At a press conference in Abuja in August 2009, Dr. Olusola Saraki told his audience that he is essentially of Malian origin. His great-grandfather, allegedly a Fulani, he said, migrated from the West African nation to settle in Ilorin about 200 years ago.
“My great-great grandfather originated from Mali and I am talking about some 150 to 200 years ago. And they are Fulani and that is where we got our Fulani connection from. My great-grandfather settled in Ilorin preaching the religion of Islam…My great-grandfather brought our own Qur’an to Ilorin from Mali to Agbaji, where we settled,” he claimed.
His mother, Saraki added, hailed from Iseyin in Oyo State. His father, he declared, hailed from Ilorin. The last claim has for long been a subject of muted dispute in Kwara, where Saraki has been the major determinant of political fortunes for decades. His hold on political affairs has delighted and riled in equal measure. Saraki’s already declared intention to instal his daughter, Gbemisola, a senator, as the next governor of Kwara State has angered more than a few people in Ilorin–for a variety of reasons. To the indigenes of Ilorin, a city reputed as a centre of Islamic learning and culture, the attempt to instal a female governor is a desecration of Islamic injunctions on the position of women. Also, the incumbent governor, Dr. Bukola Saraki, is his son.
This has provoked allegations that Saraki has enslaved indigenes of Ilorin and the state in general. It has also re-invited public attention to his origin. Mrs. Sarah Jubril, a Peoples Democratic Party presidential aspirant, recently rekindled public interest in Saraki’s claim to Ilorin indigeneship. “Please, check the roots of the Sarakis…Did he not come out one time to say he is from Mali? Please, check the magazine where it was published because I • Saraki: Is he really from Abeokuta?. of the community would be. The contenders, Olisemeka explained, were Muttahiru Saraki and one Emmanuel Alabi, both of whom were present when Abdulrazak was welcomed at the port.
The next day, on Abdulrazak’s orders, the two men were brought to the Embassy without their supporters. The objective was to find a solution to the feud. “I thanked them for welcoming me on my arrival and told them that my secretary (who was also present) had told me that the two of them were fighting over the leadership of the community and that I was not prepared to work with a divided community. I also told them that I had not invited them to hear stories about why they were fighting,” said the ambassador.
Given that Muttahiru Saraki looked considerably older than Alabi, Abdulrazak told the two men that the older man would be the leader, while the younger would be his deputy. The directive, said the former ambassador, worked like magic. “Emmanuel Alabi stood up and prostrated before Saraki and held his leg, saying: ‘I accept you as my leader.’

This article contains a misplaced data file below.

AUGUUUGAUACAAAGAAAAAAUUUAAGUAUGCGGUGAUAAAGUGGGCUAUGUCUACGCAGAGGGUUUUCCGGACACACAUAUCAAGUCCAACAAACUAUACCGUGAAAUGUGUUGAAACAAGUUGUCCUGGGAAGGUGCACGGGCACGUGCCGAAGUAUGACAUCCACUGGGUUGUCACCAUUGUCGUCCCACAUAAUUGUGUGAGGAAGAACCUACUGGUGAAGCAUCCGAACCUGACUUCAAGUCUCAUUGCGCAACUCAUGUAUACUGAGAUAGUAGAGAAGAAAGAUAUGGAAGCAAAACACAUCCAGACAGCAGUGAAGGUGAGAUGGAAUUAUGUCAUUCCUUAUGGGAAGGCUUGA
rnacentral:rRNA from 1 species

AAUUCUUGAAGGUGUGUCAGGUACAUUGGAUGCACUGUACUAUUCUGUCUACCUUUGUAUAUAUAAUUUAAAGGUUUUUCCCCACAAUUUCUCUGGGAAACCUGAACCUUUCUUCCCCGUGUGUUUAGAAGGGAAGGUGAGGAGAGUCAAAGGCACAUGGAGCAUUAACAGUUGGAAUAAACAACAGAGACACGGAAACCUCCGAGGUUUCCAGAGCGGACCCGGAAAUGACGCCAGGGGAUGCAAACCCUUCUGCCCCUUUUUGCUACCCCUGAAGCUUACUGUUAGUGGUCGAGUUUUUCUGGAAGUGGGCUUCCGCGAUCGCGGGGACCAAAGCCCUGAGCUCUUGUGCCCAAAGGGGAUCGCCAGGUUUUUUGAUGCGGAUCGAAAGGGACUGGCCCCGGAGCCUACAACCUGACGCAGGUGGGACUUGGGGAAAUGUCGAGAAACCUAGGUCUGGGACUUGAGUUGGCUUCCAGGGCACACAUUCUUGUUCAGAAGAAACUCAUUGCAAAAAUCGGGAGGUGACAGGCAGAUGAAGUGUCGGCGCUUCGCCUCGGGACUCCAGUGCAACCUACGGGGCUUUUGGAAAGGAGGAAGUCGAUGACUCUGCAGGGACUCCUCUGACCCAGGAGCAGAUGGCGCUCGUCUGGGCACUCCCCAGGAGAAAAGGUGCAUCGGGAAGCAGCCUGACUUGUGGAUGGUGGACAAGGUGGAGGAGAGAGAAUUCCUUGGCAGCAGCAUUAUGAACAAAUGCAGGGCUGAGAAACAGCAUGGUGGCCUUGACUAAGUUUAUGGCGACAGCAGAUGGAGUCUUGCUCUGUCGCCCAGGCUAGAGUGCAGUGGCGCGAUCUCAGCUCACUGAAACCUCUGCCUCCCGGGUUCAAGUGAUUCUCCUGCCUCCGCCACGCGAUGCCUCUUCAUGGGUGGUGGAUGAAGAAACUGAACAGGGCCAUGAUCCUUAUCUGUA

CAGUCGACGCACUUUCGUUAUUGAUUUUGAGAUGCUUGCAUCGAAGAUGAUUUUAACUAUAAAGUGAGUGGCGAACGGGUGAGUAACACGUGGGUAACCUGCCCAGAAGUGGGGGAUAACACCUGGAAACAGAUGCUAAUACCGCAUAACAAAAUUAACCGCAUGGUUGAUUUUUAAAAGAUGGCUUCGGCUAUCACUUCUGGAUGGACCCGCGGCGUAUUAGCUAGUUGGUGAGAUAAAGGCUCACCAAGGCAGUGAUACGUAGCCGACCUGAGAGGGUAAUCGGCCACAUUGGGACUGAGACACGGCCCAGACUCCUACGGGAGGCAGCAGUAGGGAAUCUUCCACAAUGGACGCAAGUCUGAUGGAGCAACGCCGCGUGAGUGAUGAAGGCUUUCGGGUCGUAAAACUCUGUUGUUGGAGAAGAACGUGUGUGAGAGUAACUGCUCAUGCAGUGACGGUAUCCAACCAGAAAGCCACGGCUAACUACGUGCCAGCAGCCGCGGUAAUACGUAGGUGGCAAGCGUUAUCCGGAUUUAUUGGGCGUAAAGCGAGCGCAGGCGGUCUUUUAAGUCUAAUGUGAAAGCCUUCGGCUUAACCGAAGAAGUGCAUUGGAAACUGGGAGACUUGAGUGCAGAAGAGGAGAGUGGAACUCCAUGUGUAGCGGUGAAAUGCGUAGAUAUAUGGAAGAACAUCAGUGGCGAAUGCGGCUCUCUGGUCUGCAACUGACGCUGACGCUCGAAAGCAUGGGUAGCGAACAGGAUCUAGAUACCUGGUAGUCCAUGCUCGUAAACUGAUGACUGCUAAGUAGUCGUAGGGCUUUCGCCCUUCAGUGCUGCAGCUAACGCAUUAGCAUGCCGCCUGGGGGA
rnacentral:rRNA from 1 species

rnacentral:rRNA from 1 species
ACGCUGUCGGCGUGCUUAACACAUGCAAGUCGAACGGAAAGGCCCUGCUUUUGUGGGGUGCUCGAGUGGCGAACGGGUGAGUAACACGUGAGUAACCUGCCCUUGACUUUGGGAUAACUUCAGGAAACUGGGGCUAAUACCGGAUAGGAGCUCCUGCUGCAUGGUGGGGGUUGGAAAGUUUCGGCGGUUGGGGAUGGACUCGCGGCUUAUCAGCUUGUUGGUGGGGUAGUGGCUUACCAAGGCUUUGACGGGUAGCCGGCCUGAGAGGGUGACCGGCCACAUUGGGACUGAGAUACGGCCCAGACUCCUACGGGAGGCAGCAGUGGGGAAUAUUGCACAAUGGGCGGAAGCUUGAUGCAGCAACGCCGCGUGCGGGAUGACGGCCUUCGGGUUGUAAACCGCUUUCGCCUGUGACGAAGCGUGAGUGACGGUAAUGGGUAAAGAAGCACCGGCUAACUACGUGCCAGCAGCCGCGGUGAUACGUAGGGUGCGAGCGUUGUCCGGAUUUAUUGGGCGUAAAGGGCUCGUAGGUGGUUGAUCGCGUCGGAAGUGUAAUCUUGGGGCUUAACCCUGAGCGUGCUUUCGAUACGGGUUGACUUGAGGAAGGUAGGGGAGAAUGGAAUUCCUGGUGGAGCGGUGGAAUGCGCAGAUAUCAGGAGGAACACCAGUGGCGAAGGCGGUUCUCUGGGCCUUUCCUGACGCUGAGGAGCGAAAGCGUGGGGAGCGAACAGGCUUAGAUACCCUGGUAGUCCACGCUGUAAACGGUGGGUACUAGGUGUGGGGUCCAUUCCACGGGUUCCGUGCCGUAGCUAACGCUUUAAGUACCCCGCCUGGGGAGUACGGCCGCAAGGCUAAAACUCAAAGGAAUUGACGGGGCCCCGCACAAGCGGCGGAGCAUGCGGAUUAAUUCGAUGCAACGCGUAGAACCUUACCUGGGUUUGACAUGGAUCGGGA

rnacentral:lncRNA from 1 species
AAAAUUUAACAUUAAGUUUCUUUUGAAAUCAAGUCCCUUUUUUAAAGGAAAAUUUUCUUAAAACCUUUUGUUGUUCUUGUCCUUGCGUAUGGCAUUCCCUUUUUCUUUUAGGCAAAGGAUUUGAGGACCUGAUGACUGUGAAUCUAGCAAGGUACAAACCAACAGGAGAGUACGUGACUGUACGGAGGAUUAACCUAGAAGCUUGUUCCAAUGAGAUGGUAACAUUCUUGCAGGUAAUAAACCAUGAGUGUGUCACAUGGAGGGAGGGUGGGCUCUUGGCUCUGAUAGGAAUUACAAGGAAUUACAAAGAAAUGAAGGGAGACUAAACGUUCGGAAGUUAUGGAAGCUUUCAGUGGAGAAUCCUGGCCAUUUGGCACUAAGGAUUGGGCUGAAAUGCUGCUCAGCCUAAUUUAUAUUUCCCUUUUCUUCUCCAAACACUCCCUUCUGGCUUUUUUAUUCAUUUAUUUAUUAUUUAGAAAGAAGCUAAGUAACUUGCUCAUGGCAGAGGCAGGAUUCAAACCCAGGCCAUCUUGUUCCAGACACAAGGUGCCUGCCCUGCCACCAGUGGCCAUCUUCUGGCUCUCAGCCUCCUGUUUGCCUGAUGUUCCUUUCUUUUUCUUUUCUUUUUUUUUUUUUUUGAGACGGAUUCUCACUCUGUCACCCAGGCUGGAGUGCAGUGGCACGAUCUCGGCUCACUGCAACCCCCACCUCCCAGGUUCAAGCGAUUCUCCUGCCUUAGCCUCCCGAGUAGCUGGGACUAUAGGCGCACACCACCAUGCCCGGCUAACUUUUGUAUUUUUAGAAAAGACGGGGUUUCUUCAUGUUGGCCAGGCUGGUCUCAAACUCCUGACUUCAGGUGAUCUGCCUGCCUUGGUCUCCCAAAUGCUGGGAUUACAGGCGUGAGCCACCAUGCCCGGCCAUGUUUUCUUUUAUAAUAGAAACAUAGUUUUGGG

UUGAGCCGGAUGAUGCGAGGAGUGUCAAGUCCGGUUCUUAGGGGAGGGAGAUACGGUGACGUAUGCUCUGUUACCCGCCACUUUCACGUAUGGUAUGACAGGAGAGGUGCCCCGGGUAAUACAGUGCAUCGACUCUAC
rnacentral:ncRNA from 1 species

“Alabi then requested my permission to say something and I asked him to go on. He said: ‘Sir, nobody ever called the two of us together. It was only our followers that were treating the matter that way,’” the lawyer said.
The resolution of the feud engendered friendship between Alhaji Saraki and Abdulrazak. They started attending Friday prayers together. “I usually went out of my way to Alhaji Saraki’s house to take him in my car to the mosque and brought him back after prayers,” he said. One Sunday morning in 1963, the policeman attached to Abdulrazak came to tell him that an old man wanted to see him. The policeman gave the guest’s name as Saraki–Muttahiru. After swapping pleasantries and a few banters, Alhaji Saraki asked where Abdulrazak hails from. “I told him I come from Ilorin,” he replied. “Alhaji Muttahiru Saraki said: ‘I am an Egba man from Abeokuta, but went to a Quranic school in Agbaji.’ The man himself, with his own mouth, told me he is an Egba man from Abeokuta,” the former ambassador added.
The friendship between the two men grew, with the ambassador taking Muttahiru to many places, including where he performed official duties. Soon, people started referring to his friend as deputy ambassador. “Anywhere I went officially, I took him along. So, when I was going to present my letters of credence to the head of state (the late Houphouet-Boigny), I took him along. Incidentally, President Felix Houphouet-Boigny was a medical doctor and was Saraki’s doctor before he became President,” Abdulrazak said.
The former ambassador also met Muttahiru’s three wives and some of his children. One of the children was said to be one Iya Alaro. It was through her that Dr. Saraki was said to have come to Ilorin. Iya Alaro, said Abdulrazak, was married to an Ilorin man with whom she lived in Agbaji, the quarters Dr. Saraki claims as his root. On another Sunday in 1963, Muttahiru, who was a trader in Abidjan, visited his ambassador friend. He told Abdulrazak that he would want him to meet his son, Olusola, who was then a medical student in Britain. When the holidays came, the younger Saraki have it. We are not sure of the indigeneship of Dr. Saraki. So, in the name of Allah that he worships, let him be fair to Kwarans,” she said.